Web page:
Yet despite the fame he enjoys, he never thought his life would just end in boxing so he enrolled in school. He believes that education is still the effective way to uplift one’s status in a society where academic achievement is the basis for recognition. So with his eagerness to learn, he spent money for his studies no matter how awkward it is for his late age. His aptitude for learning is remarkable that when one observes his interviews, it is evident that his grammar has improved a lot. You know.

He is never shy to speak before the crowd even he becomes a subject of demeaning jokes among his fellow as if the only thing they prowled about is the obtuseness of Pacquiao.  No matter how exemplary his attitude, he remains a subject of ridicule not just to the common people but for the intellectual as well who in their sense of learning should be the ones to understand. Just because he couldn’t pronounce the word right or make his grammar straight justifies a reason to pin him down as laughing stock. But always remember that this gibberish man has wrought a national pride for the Philippines which few of us can equal. And what have some of us done to make our country proud as compared with his? This only entails that we have no prerogative to make him look like bozo. Think that some are very rich and have the liberty to go to school yet contribute nothing to their own locality. Some never even acknowledge God in their successes that Pacquiao on the other hand has been very faithful in doing. If only Manny could have been fortunate enough to go to school (bereaved of financial problem and boosted by determination) he would have been one of the respective intellectuals in the country. We never know.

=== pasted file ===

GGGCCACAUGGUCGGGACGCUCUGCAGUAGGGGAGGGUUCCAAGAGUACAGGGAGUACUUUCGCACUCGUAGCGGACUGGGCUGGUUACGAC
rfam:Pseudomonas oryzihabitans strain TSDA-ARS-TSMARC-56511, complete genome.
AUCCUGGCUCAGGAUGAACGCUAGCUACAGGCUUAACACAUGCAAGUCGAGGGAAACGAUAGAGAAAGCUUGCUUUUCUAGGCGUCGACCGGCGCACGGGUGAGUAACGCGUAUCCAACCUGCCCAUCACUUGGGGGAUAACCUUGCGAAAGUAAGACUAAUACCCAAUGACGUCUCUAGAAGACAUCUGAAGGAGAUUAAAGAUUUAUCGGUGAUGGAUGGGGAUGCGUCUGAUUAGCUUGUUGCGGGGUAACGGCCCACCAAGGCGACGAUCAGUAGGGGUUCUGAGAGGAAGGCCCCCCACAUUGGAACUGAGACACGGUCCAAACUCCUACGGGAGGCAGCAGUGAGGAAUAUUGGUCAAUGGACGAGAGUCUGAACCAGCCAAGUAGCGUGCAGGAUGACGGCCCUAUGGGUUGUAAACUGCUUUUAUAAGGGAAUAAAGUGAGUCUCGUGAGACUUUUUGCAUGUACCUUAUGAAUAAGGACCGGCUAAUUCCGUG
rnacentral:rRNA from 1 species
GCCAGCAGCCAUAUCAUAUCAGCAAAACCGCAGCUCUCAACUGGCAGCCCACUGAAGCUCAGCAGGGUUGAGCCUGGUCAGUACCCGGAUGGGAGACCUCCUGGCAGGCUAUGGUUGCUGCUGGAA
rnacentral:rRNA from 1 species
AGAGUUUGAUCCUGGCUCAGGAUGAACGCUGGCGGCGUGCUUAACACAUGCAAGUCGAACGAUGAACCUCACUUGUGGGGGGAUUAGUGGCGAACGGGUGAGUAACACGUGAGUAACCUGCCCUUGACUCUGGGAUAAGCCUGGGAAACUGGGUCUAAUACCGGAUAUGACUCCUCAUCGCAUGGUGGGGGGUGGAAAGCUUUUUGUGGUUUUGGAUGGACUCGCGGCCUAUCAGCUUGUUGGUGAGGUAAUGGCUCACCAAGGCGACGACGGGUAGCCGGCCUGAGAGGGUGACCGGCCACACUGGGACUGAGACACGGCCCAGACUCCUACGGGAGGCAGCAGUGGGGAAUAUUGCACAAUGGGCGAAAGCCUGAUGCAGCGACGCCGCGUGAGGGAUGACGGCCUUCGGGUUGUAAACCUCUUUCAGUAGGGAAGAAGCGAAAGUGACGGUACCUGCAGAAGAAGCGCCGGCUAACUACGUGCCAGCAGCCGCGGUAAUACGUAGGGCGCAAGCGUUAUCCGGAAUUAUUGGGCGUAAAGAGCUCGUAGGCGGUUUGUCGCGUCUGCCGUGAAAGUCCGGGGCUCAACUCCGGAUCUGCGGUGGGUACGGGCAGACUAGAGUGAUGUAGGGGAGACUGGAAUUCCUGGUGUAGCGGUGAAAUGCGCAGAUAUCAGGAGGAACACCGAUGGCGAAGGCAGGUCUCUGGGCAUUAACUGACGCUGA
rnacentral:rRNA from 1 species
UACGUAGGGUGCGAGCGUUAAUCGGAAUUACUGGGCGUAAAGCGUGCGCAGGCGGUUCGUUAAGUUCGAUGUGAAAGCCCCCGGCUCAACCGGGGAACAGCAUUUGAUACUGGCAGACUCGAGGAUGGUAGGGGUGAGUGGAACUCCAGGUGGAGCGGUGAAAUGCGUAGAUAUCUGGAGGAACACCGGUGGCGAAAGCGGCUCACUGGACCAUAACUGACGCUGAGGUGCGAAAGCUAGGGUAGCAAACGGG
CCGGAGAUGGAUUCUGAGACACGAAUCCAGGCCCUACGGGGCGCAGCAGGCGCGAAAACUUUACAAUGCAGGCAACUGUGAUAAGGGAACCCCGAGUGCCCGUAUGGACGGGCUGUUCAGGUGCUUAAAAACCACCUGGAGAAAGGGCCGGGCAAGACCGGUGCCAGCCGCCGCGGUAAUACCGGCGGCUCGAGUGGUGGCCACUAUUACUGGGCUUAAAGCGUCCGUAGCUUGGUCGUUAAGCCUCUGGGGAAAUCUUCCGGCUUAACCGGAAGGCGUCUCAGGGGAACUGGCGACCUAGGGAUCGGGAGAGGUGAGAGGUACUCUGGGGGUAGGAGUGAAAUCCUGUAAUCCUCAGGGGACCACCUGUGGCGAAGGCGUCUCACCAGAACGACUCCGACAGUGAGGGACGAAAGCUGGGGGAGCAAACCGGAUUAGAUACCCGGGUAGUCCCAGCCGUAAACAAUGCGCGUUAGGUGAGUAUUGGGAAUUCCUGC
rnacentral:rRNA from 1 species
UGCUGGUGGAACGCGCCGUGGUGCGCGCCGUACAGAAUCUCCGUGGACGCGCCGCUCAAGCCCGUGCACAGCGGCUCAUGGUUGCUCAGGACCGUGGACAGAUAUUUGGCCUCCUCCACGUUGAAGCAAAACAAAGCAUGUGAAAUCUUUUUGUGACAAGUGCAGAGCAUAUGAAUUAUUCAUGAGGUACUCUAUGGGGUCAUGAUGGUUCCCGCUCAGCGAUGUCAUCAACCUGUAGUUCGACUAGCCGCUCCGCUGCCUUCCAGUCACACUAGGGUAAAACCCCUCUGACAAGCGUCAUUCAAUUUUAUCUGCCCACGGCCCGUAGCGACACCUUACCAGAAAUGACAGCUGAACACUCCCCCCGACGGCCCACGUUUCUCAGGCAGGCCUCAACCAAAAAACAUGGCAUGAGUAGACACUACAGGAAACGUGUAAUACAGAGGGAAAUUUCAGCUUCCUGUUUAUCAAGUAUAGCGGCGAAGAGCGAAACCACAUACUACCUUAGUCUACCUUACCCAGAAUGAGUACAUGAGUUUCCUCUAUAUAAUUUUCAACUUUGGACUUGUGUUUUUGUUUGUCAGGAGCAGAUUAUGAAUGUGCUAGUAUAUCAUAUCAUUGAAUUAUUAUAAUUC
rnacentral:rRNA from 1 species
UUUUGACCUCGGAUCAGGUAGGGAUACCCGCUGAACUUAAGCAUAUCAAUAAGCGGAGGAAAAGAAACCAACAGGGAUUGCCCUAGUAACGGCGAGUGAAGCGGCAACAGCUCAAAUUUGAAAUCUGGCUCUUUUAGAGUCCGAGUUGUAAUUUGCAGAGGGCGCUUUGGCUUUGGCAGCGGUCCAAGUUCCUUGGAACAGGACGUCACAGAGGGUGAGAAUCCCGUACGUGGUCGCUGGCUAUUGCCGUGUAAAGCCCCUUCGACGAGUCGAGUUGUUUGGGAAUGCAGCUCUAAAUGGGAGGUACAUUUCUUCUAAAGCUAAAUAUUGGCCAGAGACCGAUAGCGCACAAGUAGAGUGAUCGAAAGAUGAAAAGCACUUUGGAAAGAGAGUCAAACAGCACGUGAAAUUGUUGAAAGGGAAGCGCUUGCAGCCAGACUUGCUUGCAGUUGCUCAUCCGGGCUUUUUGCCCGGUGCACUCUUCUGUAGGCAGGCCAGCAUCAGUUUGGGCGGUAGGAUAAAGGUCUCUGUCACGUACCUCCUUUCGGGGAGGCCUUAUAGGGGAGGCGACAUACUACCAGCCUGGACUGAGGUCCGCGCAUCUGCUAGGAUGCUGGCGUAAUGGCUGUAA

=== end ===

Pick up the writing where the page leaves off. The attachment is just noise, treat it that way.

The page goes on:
When we pin him down, we also pin ourselves (so to say) because in doing so, we are only proving our own smattering. With our teetering for national advancement, it should be with respect to our fellow Filipinos who are trying their best to improve. Pacquiao is working hard not just to improve himself but to inspire many to strive for betterment. Pacquiao’s struggle is as effective as his fist and proving that being an underdog doesn’t mean defeat but a noble inspiration to bring the best in us. We must think on these things. You know.

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Categories: being pinoy Tags: ,
  1. dabubu
    December 9, 2008 at 12:54 am

    “Thanks to the god, you know.”
    I can’t help it! hahaha Just teasing you. =P

    Well, I’m lucky to be one of the few people you share your reading experiences with. They have influenced me a lot. I respect your views, but I might write a few lines soon on why I review the books I read, and you might reconsider your opinions on that matter. 😉